Connected Pro-D

Social Software and CBC Radio

Posted in ECI 831 by tchcruiser on September 21, 2009

I was listening to CBC Radio this afternoon on the way to the Rider game (turns out I probably should have just kept on listening to the radio ūüôā and heard a short clip on today’s show about how a IBM executive turned away from email to social networking sites as his prefered mode of communication – even at work! Hmmmm…. knowing how much I use email¬†in my new role as a consultant, I can imagine what a challenge this would be if I insisted that the only way I would respond is if they found me in 2.0 land and used a social software tool…. I picture myself instantly as a younger better looking version of the¬†Maytag repair man!

¬†You might be interested in hearing the podcast of this show to hear what he had to say… (I don’t think the podcast is ready yet or I would try and figure out how to attach it here for you..) Did anyone else hear this interview with Luis Suarez? He¬†explains how he got rid of corporate email and replaced it with social software tools.

He basically quit using work email becuase he found other free social software tools that do a better job of things such as sharing files (instead of in large attachments in an email), conferencing rather than ccing and reply all, collaborating on projects and presentations, etc.¬† What I found interesting was the switch to, what I perceive as, much more instantaneous communication and a turn away from email which tends to be much slower and one-sided. While I see the benefit of social software for collaboration and sharing, what I sometimes still cherish about email is the ability to answer it and attend to it when it suits me, and that others cannot tell when that is except when I respond. I like having time to think about my response, gather the files needed, etc, and at times, I feel that social sites that show when and if you are “on” encourage automatic, rapd fire reponses just because you are there.¬† If someone sees you are on, asks you a question or starts engaging you in conversation, and you do not respond right away, or worse, just don’t repond, is that seen as rude in the new 2.0 world? Is the person asking expecting a response as soon as they ask it becuase they know you are there? Will they be offended if you “ignore them” – when really it could have been you are multi-tasking, or trying to get things done, or stepped away from your computer? I guess this is where I liked the one-sidedness of email communication ūüė¶¬† If you only have email (and for some, this IS a new tool!), and like email, are you a luddite in 2.0 land???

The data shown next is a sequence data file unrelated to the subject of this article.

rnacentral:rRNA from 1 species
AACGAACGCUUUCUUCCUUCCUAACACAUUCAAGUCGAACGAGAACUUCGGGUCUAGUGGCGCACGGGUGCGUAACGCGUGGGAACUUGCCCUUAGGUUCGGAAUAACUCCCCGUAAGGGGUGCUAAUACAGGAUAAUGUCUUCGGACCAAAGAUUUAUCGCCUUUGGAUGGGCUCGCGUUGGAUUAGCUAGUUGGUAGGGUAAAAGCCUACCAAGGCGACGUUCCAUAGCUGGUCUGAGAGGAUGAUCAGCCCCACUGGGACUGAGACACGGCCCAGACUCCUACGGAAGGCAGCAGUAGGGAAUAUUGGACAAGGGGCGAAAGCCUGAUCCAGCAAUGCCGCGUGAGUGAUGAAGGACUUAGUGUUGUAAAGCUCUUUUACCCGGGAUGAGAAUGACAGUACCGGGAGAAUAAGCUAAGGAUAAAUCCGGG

Does anyone else feel like a nervous teenager at their first high school dance when engaging in conversation in 2.0 – or is it just me? Is he going to “wink” at me or “poke” me? Is she going to respond to my tweet? Will they laugh at my joke? If a you-tube video plays in 2.0, does anyone see it?? I can see why many are nervous wall flowers- watching others who have screwed up their courage and are out there taking the risk!

Posted in ECI 831 by tchcruiser on September 21, 2009

My first attempts at blogging…

Posted in ECI 831 by tchcruiser on September 12, 2009